The tropical depression shut down all transportation between the island and the mainland. On top of that the fast ferry was out of commission for two weeks for yearly maintenance. On top of that Roatan had civil unrest because of the raising of electricity rates. Picketers had blocked off the main road to the airport and shipping port. WTF. Cindy ended up missing her flight, and I talked her into riding to Nicaragua with me and flying out there. What the hell, we’ll just strap your bag on the back. So that’s what we did. Having to get off the island, 10 days there already, we managed to talk a captain into letting us ride on his cargo ship back to the mainland. The 1.5 hour trip on the way over took 7 hours on the cargo ship. The crew was shady and it looked like they hadn’t seen a woman for a long while. I told Cindy not to leave my side and my knife was easily accessible. We get to shore; it was night, and the depression lets all hell break loose on us. Being a port I had to sign this at the gate, go back to the boat, get the captain to sign a paper and then go back to the gate, all with a torrential downpour. Screw it, the roads are flooded up past the exhaust, we’re soaked and exhausted, straight to the Paris hotel again. I bet they loved us walking in to the lobby dripping wet and making a huge puddle. Una habitacion por favor.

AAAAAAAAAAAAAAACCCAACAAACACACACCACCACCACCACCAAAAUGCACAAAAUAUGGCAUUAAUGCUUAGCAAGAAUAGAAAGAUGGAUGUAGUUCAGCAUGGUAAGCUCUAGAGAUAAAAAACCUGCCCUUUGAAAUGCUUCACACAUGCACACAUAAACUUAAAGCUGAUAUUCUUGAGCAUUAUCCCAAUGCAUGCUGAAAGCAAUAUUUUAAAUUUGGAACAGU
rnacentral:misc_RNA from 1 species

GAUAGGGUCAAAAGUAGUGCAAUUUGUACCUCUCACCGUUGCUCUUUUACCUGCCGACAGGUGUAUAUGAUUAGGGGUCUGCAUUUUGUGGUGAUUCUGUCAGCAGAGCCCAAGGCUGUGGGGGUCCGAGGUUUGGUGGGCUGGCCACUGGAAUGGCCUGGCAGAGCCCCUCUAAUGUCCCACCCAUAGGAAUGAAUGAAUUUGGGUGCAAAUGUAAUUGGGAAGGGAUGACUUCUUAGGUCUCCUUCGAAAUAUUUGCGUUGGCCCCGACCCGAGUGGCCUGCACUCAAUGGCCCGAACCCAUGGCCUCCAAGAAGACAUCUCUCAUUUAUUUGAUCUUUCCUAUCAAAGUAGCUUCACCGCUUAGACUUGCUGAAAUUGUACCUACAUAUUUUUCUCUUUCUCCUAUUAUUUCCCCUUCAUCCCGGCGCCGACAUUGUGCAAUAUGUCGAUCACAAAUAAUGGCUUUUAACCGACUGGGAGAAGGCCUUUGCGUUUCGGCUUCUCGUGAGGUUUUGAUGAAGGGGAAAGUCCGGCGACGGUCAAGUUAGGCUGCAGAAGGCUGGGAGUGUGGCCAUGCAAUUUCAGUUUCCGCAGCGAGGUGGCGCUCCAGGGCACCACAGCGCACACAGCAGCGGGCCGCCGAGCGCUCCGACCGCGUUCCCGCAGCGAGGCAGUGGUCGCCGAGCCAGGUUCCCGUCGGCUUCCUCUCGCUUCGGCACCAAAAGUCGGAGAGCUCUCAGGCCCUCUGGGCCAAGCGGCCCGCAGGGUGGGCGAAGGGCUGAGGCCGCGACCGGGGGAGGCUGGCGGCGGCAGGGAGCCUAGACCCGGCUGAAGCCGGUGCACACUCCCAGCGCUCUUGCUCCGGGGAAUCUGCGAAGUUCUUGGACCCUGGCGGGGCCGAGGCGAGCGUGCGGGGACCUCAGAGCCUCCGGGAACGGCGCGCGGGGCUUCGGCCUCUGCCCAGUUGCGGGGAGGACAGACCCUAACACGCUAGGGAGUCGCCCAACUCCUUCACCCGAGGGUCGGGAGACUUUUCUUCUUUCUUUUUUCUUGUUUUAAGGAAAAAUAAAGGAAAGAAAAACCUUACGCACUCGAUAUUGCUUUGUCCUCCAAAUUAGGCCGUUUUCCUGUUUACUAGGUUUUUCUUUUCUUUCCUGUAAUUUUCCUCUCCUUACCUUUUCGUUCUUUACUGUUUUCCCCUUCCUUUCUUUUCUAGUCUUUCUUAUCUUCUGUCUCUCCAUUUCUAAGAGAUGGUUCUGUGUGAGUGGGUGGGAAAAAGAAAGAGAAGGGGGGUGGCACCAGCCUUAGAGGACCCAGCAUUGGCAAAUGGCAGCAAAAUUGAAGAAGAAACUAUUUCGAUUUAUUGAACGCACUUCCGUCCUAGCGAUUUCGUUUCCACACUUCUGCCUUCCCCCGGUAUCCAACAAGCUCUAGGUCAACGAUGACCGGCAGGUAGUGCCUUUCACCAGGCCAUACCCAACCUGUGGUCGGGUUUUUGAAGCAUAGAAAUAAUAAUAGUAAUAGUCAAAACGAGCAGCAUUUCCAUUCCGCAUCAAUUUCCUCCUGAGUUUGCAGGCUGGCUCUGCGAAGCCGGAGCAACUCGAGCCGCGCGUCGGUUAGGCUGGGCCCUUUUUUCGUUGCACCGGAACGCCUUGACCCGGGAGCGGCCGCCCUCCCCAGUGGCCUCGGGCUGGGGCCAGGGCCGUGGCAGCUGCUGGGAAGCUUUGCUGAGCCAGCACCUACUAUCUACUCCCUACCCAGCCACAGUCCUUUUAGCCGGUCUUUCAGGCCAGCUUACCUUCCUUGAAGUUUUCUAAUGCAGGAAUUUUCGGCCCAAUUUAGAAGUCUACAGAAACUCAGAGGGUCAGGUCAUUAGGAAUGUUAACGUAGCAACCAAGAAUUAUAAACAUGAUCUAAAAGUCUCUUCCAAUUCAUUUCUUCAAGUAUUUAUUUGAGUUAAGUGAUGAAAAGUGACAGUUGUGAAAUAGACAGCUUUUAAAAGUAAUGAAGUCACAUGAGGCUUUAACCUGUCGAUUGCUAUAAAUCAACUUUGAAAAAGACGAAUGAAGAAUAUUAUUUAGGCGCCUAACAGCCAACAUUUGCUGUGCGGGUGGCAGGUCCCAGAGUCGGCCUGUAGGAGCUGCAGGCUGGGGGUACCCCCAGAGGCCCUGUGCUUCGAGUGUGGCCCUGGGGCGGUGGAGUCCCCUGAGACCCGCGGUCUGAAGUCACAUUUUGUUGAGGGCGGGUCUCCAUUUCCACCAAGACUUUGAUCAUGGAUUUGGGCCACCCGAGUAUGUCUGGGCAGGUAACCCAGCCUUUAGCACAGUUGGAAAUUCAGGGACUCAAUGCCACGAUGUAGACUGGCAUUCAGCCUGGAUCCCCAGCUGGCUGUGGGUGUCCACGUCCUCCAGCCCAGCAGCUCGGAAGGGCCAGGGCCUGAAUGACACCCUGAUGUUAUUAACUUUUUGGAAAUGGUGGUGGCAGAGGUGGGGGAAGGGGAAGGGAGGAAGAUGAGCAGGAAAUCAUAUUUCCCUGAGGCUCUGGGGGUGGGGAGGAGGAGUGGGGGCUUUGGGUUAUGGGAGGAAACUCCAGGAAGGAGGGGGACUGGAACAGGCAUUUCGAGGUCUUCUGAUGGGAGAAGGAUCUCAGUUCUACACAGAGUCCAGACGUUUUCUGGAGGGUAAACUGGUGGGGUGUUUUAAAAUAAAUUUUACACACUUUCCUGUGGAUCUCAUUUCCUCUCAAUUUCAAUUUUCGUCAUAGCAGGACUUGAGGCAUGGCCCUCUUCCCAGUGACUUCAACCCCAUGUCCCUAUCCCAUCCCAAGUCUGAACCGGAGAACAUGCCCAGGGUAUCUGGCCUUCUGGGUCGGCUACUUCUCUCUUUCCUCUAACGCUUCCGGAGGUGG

"Sorry the captain of this boat isn't leaving today."
"Why won't you take us off this cursed island?"
We got on this monstrosity
Clouds waiting to rain until we disembark.
Why am I doing this again?
Long story short, we rode all the next day in the rain to D&D Brewery next to Lago Yojoa. We met up with Nate and Lindsie who had departed Antigua. We were a pair of two up riders riding bikes from the early 80's bikes with way too much shit on the back. Nate had a CB750 from 82' I believe, carrying a small banjo and a fiddle, no joke. We were a sight; as Nate would often put it, we were a shit show!
We spent a couple days at the Brewery and took in the sights around the lake.
Accommodations at D&D
They had a nice infrastructure setup
First blue sky in over a week
We went birding with a great guide Malcolm
He was awesome. Birding hippie from the UK. I heard that he played "lord of the rings" with a group. hahaha
From there we went south. Nate and Lindsie's setup
The depression washed out the main road, it was miles and miles of traffic. Yeah seriously you've got to be kidding me.
What to do... There was nothing around, it would be days for the river to come down. We suddenly found ourselves with a large group around us admiring our motorcycles and asking us all the normal questions. How much did it cost, how many cc, how fast... Eventually we got to talking about another route to travel on. They said it was possible, not for big vehicles, but for motorcycles and 4x4s. Swell, off-roading two up on 1000lbs ladened street bikes. No other choice, lets do it.
One of the better section, there was river crossings, tons of mud. Really good stuff.
Some of the worst of the road.
Steady as she goes
Added on and extra two hours, but we made it. Here is the crew having a well deserved rest. Notice Cindy's helmet, bought it for 20 bucks, it had SAFE written on it in big letters, so you know it wasn't.
The sun is setting
We eventually made it to San Lorenzo, the shrimp capital of Honduras, where Lindsie defiled their most sacred monument.
lukeman screwed with this post 05-07-2010 at 12:12 PM